Sony: How About a Little Support for Windows 7?

Drivers.  Windows users have learned to shudder at that word.  Drivers were a big part of the problems with Vista.  Here we are again, another Windows upgrade, and … apparently manufacturers still haven’t gotten the message.  Sony has this to say about drivers for a notebook computer that’s a couple of years old:

Don’t I need drivers from Sony for Microsoft(R) Windows (R) 7?

Not necessarily.  Basic system functionality should be automatically enabled with the drivers included with the Windows(R) 7 operating system.

However, if one of the drivers that came with the operating system does not work with your system, you can try installing the Windows Vista(R) version of the driver provided by Sony for your model.  Many of the Windows Vista(R) drivers are compatible with Windows(R) 7 based on current testing.  Make sure you choose the bit version (32-bit or 64-bit) that matches your version of Windows(R) 7.

Note: Sony software applications that originally shipped with the computer may not work after upgrade.”

(Read it for yourself:

The computer in question is a Sony VAIO notebook model VGNAR570N.  And I’m sure Sony would much rather we buy a new computer.  We might — but it won’t be from them!

I wonder what Microsoft thinks about this treatment?

Erection may be buy sildenafil tough and aching. The medicinal globe has been stuffed with bunches of medicinal treatments which have been prescribed look at this now shop for viagra by their doctor. Serotonin is also crucial for the proper development of the ENS where, among its many roles, it acts as a nutrient for your levitra free sample nerve system. In adults, second-generation antipsychotics (SGAs) have shown a good benefit / risk ratio in bipolar disorder, with a low frequency of extrapyramidal motor syndrome (EMS) and a moderate frequency of adverse metabolic effects, such as metabolic syndrome or syndrome X. purchase generic cialis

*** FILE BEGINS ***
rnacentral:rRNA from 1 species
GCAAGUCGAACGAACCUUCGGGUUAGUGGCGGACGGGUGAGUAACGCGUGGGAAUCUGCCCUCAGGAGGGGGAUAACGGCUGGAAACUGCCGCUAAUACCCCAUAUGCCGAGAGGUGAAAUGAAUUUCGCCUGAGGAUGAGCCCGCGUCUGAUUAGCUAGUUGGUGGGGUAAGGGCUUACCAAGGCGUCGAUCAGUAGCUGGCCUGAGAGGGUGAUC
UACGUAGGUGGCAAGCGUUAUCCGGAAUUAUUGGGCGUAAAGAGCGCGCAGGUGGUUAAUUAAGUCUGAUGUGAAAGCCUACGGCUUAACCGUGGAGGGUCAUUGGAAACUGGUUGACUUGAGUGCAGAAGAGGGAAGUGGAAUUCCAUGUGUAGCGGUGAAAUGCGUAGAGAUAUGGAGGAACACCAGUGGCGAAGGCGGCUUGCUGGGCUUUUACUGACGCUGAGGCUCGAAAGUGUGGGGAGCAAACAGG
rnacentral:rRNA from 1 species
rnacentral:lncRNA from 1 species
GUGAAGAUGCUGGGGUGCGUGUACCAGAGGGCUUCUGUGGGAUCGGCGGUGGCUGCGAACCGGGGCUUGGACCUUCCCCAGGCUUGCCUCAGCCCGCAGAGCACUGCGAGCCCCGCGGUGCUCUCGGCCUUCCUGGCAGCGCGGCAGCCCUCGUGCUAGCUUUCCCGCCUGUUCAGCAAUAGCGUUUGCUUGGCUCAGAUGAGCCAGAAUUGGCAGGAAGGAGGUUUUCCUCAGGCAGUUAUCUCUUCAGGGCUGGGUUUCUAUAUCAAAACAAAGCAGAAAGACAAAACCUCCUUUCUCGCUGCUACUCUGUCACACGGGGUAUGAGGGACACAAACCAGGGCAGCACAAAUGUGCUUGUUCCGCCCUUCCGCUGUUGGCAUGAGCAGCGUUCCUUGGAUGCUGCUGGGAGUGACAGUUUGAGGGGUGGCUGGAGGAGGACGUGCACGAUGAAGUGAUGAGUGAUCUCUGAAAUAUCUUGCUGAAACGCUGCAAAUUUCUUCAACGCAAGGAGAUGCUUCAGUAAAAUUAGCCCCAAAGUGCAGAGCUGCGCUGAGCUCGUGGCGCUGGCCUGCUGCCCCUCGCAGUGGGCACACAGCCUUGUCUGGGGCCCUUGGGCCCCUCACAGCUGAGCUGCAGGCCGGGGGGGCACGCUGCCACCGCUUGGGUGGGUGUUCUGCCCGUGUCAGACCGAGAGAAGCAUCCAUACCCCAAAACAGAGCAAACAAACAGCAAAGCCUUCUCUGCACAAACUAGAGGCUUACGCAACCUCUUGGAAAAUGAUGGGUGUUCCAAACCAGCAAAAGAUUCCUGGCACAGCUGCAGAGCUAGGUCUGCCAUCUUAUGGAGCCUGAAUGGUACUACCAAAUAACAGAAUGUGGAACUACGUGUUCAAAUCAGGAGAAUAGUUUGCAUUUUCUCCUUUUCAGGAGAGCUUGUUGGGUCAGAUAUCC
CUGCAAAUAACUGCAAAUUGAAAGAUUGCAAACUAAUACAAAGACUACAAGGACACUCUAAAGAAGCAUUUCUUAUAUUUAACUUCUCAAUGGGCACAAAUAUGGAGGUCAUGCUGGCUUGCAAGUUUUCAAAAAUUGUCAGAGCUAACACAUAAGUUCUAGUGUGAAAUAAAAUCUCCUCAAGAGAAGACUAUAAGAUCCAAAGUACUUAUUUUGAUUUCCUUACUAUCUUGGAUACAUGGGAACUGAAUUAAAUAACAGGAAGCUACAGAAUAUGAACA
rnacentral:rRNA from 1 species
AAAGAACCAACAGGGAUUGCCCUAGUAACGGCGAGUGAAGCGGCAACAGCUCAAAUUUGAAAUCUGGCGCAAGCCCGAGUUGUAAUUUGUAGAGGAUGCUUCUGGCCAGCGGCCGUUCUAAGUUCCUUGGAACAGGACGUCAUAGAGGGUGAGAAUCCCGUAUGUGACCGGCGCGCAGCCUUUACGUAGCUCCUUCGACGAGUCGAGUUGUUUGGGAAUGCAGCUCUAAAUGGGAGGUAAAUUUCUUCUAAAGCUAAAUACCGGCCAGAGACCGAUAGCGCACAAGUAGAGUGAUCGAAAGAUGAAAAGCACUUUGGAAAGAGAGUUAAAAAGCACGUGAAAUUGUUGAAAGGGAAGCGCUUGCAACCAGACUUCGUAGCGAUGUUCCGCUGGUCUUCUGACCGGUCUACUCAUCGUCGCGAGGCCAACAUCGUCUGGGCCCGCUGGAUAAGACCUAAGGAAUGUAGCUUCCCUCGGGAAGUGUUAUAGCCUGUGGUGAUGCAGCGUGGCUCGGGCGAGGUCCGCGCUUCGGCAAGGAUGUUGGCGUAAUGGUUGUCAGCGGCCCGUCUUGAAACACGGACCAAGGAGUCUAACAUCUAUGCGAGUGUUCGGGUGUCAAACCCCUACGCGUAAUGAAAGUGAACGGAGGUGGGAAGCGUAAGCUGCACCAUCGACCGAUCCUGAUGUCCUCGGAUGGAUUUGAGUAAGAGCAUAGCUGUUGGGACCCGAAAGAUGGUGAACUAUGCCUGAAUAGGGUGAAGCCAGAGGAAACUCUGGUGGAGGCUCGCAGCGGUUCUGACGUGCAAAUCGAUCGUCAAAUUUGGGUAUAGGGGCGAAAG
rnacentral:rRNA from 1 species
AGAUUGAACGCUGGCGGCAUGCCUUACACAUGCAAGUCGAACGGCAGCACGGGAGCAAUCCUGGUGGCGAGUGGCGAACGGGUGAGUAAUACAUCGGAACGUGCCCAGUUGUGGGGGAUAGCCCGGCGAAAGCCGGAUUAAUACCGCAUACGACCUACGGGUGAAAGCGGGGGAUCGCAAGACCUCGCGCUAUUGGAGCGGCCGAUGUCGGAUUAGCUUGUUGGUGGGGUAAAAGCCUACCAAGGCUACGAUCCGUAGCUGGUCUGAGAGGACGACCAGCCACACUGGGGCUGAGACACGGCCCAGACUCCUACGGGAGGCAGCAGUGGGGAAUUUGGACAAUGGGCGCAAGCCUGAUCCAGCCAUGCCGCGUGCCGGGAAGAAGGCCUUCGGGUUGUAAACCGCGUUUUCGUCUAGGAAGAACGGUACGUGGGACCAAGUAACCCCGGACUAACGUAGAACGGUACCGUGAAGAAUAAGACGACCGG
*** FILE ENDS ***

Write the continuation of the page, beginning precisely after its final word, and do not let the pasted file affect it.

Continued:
About Tony Lima

Tony Lima has been working with technology, economic modeling, forecasting, and market research for 40 years. His background makes him uniquely qualified to navigate this varied landscape. Begin with his education: B.S. in chemical engineering from M.I.T. , M.B.A. from Harvard, Ph.D. in economics from Stanford. His day job was professor of economics at California State University, East Bay. He retired in 2016 to devote his time to consulting and writing. But he has found time to: write (eight books and over 100 articles ranging from wine economics to detailed analyses of meta-language code generators) consult with companies ranging from Microsoft to CEDEX keep his expertise up-to-date, constantly reading and sorting through the avalanche of information available daily maintain three blogs: Wine Research, Wine Economics, and Economic Policy Local policy analysis: Los Altos

Leave a Reply

Your email address will not be published. Required fields are marked *